Think of some objects you have seen recently. List them in Table-1. A school bag, a mosquito, a table, people sitting on desks, people moving about? May be a butterfly, dog, cow, your hand, a small baby, a fish in water, a house, a factory, a stone, a horse, a ball, a bat, a moving train, a sewing machine, a wall clock, hands of a clock? Make your list as large as you can.
Which of these are moving? Which are at rest?
|Objects at rest||Objects in motion|
How did you decide whether an object is in motion or at rest?
You might have noticed that the bird is not at the same place after some time, while the table is at the same place. On this basis you may have decided whether an object is at rest or in motion.
Let us look at the motion of an ant closely.
Spread a large sheet of white paper on the ground and keep a little sugar on it. Ants are likely to be attracted to the sugar and you will find many ants crawling on the sheet of paper soon. For any one ant, try and make a small mark with a pencil near its position when it has just crawled on to the sheet of paper (Fig -1). Keep marking its position after a few seconds as it moves along on the sheet of paper. After some time, shake the paper free of the sugar and the ants. Connect the different points you have marked, with arrows, to show the direction in which the ant was moving. Each point you have marked shows where the ant moved to, in intervals of a few seconds.
Fig.1 . Motion of an ant
Motion seems to be some kind of a change in the position of an object with time, isn't it?
The blades of the fan or the hands of a clock— how are they moving? Is their movement similar to that of a train?
Let us now look at some types of motion to help us understand these differences.
You may have observed the motion of a vehicle on a straight road, march-past of soldiers in a parade or the falling of a stone (Fig -2). What kind of motion is this? Sprinters in a 100-metre race also move along a straight track. Can you think of more such examples from your surroundings?
Fig - 2. Some examples of rectilinear motion
In all these examples we see that the objects move along a straight line. This type of motion is called rectilinear motion.
Take a stone, tie a thread to it and whirl it with your hand. Observe the motion of the stone. We see that the stone moves along a circular path.
In this motion, the distance of the stone from your hand remains the same. This type of motion is called circular motion.
The motion of a point marked on the blade of an electric fan or the hands of a clock are examples of circular motion.
The electric fan or the clock by themselves are not moving from one place to another. But, the blades of the fan rotate and so do the hands of a clock. If we mark a point anywhere on the blades of a fan or on the hands of a clock, the distance of this point from the centre of the fan or the clock, will remain the same as they rotate.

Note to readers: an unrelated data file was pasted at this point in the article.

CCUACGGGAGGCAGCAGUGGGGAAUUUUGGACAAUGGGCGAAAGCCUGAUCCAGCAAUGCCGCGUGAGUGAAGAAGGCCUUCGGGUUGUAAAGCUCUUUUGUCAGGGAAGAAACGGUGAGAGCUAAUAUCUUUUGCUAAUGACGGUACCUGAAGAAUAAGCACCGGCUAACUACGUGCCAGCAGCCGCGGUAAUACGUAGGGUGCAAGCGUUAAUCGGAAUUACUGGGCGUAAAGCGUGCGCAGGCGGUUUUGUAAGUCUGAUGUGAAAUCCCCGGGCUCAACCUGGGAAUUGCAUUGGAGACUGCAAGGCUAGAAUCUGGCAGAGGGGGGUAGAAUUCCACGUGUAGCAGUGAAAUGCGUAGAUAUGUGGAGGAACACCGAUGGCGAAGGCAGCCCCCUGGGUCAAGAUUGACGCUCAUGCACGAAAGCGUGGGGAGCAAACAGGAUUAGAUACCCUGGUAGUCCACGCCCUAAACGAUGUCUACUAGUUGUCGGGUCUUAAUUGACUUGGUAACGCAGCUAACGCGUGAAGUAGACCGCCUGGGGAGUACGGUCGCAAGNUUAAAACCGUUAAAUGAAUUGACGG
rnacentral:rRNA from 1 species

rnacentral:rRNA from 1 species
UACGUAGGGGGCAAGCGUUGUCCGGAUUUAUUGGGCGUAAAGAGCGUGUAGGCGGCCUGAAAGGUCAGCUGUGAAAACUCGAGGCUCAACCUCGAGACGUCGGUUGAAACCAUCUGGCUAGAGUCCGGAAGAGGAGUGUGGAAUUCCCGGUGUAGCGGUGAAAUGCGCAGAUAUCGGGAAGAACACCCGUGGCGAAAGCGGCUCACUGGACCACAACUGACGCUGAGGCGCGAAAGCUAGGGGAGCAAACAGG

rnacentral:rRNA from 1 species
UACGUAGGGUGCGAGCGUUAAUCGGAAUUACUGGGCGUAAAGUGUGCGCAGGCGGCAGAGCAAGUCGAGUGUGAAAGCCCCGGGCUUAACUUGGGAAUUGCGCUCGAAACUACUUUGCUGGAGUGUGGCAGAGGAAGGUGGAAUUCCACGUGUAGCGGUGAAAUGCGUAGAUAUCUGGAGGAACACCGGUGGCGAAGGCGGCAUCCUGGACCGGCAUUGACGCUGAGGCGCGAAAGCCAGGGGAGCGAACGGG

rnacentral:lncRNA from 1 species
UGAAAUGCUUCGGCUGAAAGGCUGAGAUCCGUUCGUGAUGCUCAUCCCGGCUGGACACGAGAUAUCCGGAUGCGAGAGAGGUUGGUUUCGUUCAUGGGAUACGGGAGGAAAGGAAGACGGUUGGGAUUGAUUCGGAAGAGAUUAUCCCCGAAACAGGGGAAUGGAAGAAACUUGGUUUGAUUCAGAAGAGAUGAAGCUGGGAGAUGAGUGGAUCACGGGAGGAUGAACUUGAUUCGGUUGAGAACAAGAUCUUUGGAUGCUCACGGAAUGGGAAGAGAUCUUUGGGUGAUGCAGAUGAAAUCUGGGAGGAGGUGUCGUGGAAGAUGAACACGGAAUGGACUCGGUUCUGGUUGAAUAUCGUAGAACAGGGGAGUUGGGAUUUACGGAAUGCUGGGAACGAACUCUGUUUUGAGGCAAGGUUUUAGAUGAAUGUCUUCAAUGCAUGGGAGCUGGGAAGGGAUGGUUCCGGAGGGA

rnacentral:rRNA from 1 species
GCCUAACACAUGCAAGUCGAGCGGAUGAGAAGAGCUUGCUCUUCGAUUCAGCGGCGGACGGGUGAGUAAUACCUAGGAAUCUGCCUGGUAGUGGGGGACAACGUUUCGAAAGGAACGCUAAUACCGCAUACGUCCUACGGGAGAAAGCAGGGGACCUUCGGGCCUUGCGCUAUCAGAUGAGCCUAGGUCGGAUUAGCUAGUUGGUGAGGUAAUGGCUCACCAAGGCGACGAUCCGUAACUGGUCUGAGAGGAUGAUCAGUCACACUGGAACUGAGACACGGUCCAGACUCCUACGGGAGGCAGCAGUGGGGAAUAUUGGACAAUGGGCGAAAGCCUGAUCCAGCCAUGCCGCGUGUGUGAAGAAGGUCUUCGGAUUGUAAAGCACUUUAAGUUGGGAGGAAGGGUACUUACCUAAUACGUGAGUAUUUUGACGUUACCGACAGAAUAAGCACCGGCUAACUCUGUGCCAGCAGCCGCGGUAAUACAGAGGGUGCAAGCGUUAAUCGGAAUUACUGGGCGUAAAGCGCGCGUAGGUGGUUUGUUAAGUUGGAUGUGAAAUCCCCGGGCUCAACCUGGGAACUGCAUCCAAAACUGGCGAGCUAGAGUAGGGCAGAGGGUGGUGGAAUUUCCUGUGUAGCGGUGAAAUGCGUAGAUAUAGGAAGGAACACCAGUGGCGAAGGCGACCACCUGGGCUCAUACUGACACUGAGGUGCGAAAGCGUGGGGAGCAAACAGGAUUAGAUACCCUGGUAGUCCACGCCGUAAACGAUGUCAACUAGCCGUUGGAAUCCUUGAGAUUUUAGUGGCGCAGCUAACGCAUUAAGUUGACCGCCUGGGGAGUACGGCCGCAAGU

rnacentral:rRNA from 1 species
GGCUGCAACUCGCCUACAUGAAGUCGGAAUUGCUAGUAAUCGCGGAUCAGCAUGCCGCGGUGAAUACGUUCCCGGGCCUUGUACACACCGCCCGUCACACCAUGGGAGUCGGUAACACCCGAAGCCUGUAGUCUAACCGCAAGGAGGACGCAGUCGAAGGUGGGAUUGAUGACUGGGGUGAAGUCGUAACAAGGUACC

In some cases, an object repeats its motion after some time. This type of motion is called periodic motion. Take the stone tied with a string that you used in Activity-2. Now, hold the string in your hand and let the stone hang from it. Pull the stone to one side with the other hand and let it go. This is a pendulum. Something to have a lot of fun with and something that will help us understand about periodic motion. Motion of a pendulum, a branch of a tree moving to and fro, motion of a child on a swing, strings of a guitar or the surface of drums (tabla) being played, are all examples of periodic motion where an object or a part of it repeats its motion after a fixed interval of time.
fig-4.Examples of periodic motion
Have you observed closely, the motion of a ball on the ground? Here, the ball is rolling on the ground – rotating as well as moving forward on the ground. Thus, the ball undergoes a rectilinear motion as well as rotational motion. Can you think of other examples where objects undergo combinations of different types of motion?
We did many measurement activities and discussed some kinds of motion. We saw that motion is a change in the position of an object with time. The change in this position can be determined through distance measurements. This allows us to know how fast or slow a motion is. The movement of a snail on the ground, a butterfly flitting from flower to flower, a river flowing along on clear rounded pebbles, an aeroplane flying high up in the air — making jet trails, moon going around the Earth, blood flowing inside our bodies, there is motion everywhere around us!
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